Day 18: Bent to the ground with my face between my knees – terrified and trusting

I wrote the journal excerpt below, on a day in March – one year exactly since the evening I’d first spent time alone with the other. I wrote it because I was scared that I was going to make choices that were not, in the eyes of myself or others, the choices that I ‘should’ make. I felt that knowing what others would think ought to help me make the ‘should’ choices, but I didn’t think I could do that. I could’t imagine remaining in a marriage for the rest of my life where I felt so lonely.

‘I know that people say you (God) can change things and I know that’s true. I also know our will has some part in it. I don’t know if it’s my will obstructing the path of change or if this is just a situation that you are leaving to me to come to decision about with you beside me. I feel like I’d be failing so many people and my desire to be liked and to please can’t take that. And yet this spirit crushing way of life can’t continue. Maybe I need to see my life with very different eyes? So maybe that’s my prayer today – that I will see my marriage, my family through your eyes and that I will be open to my heart being changed. As I write that I sense a physical constricting as if I’m protecting my heart from pain. I think that’s what it comes down to. I’ve had too much pain and I want it and the potential for it to stop. I have no idea what to do.’

The verse printed on the top of that page ?

‘Then ask God to come closer to you. God will get as close as you will let Him.’ James 4: 7-8 ( paraphrased)

The next day I read the story in 1 Kings 18 v 44 and 45 about the occasion when Elijah has told King Ahab that there will be rain, but he sends his servant to look for any sign of a cloud. A cloud that will indicate the fulfilment of God’s word, as it was God who’d promised rain and an end to the drought which was afflicting the country.

I’d read that story and told that story many times. I had never before noticed what we are told about Elijah’s physical placement when the servant was looking for clouds. I think I’d always imagined him to be standing indoors, or sitting somewhere recovering from his epic encounter with the prophets of Baal. Maybe someone was serving him food or drink.

No. Elijah was ‘bent down to the ground with his face between his knees’.

I knew what that position meant. In the previous weeks I had found myself on the floor of various rooms in my house, doubled over, pressing into the floor, as sobs wracked my body and the physical pain which the emotions caused me to feel made me want to disappear into the ground. I couldn’t get lower physically in my posture, and I couldn’t find a way to become more invisible. Bent to the ground with my face between my knees was me at my most broken, hurt and helpless.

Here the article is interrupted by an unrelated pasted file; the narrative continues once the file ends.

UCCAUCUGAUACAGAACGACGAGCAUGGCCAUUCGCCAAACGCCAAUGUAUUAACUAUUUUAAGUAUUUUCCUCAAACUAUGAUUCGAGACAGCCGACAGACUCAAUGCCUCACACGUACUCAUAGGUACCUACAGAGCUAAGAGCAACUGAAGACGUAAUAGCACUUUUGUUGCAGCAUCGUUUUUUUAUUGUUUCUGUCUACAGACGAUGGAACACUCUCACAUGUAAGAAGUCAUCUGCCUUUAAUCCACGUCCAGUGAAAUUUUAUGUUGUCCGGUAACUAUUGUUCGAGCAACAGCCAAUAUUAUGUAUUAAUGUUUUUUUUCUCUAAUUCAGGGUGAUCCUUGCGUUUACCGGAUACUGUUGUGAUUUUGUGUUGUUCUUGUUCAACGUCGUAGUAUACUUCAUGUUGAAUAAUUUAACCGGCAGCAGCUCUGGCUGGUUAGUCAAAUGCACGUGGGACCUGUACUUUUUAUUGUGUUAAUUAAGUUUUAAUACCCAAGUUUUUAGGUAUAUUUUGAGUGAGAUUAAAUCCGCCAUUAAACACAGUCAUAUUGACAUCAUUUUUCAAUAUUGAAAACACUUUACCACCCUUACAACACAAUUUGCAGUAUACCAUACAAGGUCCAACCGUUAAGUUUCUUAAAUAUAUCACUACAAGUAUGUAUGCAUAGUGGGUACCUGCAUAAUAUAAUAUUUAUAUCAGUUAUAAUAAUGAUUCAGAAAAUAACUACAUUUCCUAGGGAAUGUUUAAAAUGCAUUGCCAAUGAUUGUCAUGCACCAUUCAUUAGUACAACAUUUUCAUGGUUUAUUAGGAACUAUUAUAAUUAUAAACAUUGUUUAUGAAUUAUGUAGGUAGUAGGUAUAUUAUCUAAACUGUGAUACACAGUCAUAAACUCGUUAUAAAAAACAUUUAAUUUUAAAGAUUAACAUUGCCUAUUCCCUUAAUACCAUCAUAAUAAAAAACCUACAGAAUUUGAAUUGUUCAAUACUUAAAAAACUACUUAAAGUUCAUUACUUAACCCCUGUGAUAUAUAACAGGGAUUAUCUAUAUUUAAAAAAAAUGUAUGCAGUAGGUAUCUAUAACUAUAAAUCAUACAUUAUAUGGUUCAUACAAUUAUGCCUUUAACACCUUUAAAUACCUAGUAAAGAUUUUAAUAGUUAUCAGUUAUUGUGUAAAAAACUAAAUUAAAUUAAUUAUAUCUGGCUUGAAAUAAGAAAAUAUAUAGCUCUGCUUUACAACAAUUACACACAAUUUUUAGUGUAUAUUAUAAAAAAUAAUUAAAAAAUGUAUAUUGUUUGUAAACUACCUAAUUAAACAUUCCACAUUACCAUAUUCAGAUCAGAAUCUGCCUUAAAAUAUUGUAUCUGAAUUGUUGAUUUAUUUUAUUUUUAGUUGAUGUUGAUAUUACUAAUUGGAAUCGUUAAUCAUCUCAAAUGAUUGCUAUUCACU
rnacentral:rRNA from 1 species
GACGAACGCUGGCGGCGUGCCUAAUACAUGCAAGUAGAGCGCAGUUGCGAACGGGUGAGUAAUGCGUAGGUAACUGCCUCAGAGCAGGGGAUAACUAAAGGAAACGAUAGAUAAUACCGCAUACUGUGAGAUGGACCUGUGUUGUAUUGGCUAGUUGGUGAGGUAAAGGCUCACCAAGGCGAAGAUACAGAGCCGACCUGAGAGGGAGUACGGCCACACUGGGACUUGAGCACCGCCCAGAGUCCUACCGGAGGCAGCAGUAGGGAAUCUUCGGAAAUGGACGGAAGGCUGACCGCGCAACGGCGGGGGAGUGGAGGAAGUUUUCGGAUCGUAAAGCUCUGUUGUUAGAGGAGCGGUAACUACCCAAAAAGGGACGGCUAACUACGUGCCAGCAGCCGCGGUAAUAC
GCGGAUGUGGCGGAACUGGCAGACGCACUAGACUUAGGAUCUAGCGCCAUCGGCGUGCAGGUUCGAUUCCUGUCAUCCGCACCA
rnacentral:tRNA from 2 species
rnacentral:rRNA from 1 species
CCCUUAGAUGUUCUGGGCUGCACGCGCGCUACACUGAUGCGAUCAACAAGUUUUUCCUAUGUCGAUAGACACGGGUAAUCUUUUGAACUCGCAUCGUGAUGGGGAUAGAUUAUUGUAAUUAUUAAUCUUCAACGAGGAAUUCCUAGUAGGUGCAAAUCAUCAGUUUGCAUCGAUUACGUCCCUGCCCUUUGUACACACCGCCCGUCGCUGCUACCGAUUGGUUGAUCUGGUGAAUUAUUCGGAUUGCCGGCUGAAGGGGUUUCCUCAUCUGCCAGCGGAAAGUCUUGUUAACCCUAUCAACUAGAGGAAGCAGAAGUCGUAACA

Elijah was terrified. He was terrified that God wouldn’t keep his word. He was alone, isolated and scared. He couldn’t actually raise his head or open his eyes to look for fear he would be let down. If no rain came it was likely that King Ahab would kill him. His trust in God would be broken. The stakes could not have been higher.

Seven times his servant went to look for any sign of a cloud. I could feel Elijah’s rising desperation and yet he did keep checking. He persevered in hope. He waited; he wanted to trust, despite the seeming lack of fulfilment of the promises.

Then finally – a cloud as small as a man’s hand was seen.

The relief.

Through that story I realised that I could both trust and be terrified, and that I needed to keep asking my ‘cloud spotters’ to check for rain clouds. I needed to know if they could see God acting when I couldn’t even bear to look. I needed to ask them to tell me if He was fulfilling his promise to me.

Of course I recorded these thoughts in my journal. It shouldn’t have been any surprise to me that the verse pre-printed on the bottom of the page was this:

‘The Lord is faithful to all his promises and loving towards all he has made.” Psalm 145:13

That night I drove to collect a friend for 48 hours of time together. As I drove I had a phone conversation with my brother in which I told him I was still sure the marriage was dead. I didn’t realise that I was about to spend the weekend watching the rain clouds appear.

Lights in the darkness

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